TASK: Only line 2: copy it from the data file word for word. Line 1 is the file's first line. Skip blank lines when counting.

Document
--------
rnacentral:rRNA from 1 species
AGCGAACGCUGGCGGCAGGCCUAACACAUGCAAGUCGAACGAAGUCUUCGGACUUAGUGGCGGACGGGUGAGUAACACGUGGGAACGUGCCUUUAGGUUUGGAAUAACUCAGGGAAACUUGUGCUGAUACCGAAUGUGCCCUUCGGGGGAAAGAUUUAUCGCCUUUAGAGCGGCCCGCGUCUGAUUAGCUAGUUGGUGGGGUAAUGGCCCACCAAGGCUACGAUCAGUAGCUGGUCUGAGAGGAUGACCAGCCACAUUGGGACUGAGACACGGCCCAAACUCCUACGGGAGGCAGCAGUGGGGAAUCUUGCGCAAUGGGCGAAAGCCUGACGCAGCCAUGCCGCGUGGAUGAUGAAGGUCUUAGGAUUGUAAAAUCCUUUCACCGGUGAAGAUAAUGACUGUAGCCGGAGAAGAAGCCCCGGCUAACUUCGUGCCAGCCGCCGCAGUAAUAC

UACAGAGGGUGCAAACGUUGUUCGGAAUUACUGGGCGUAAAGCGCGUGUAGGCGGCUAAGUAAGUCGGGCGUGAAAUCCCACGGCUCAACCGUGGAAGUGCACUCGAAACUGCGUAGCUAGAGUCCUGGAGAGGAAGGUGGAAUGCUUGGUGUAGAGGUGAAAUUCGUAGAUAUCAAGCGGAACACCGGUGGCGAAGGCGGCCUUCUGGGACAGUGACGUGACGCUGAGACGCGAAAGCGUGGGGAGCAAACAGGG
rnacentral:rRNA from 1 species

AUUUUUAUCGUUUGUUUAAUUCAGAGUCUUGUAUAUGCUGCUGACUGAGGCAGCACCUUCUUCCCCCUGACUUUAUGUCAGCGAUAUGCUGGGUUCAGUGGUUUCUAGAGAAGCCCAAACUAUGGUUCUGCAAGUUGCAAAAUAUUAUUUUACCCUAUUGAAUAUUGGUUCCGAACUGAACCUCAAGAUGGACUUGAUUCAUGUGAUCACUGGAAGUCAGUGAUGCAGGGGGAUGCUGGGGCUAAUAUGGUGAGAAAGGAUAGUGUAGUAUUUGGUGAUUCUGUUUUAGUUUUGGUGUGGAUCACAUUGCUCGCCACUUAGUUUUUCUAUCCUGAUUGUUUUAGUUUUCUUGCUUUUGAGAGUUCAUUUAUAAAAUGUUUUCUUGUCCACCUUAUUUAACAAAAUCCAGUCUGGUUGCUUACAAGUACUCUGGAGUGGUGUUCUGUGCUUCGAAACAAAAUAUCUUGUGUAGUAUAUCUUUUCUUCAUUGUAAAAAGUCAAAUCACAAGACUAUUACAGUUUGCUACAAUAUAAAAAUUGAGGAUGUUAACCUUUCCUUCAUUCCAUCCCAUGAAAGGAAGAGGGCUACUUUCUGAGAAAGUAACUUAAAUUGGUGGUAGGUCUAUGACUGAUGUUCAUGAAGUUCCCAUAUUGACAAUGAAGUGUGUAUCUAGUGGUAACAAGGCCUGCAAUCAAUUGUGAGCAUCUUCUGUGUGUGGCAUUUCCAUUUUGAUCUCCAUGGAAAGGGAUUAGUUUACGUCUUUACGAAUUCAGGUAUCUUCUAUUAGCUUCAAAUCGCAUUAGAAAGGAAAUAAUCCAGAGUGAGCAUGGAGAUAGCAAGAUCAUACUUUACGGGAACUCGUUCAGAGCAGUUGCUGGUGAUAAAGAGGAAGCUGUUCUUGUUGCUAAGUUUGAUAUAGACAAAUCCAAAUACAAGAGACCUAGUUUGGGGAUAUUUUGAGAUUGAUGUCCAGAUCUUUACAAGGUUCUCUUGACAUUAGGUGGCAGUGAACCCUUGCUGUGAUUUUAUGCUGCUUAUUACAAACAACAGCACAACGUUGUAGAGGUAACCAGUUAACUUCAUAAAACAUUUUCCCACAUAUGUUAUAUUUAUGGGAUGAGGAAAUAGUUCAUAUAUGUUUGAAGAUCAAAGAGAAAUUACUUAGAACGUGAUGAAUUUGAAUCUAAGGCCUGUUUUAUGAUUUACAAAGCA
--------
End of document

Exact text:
AGCGAACGCUGGCGGCAGGCCUAACACAUGCAAGUCGAACGAAGUCUUCGGACUUAGUGGCGGACGGGUGAGUAACACGUGGGAACGUGCCUUUAGGUUUGGAAUAACUCAGGGAAACUUGUGCUGAUACCGAAUGUGCCCUUCGGGGGAAAGAUUUAUCGCCUUUAGAGCGGCCCGCGUCUGAUUAGCUAGUUGGUGGGGUAAUGGCCCACCAAGGCUACGAUCAGUAGCUGGUCUGAGAGGAUGACCAGCCACAUUGGGACUGAGACACGGCCCAAACUCCUACGGGAGGCAGCAGUGGGGAAUCUUGCGCAAUGGGCGAAAGCCUGACGCAGCCAUGCCGCGUGGAUGAUGAAGGUCUUAGGAUUGUAAAAUCCUUUCACCGGUGAAGAUAAUGACUGUAGCCGGAGAAGAAGCCCCGGCUAACUUCGUGCCAGCCGCCGCAGUAAUAC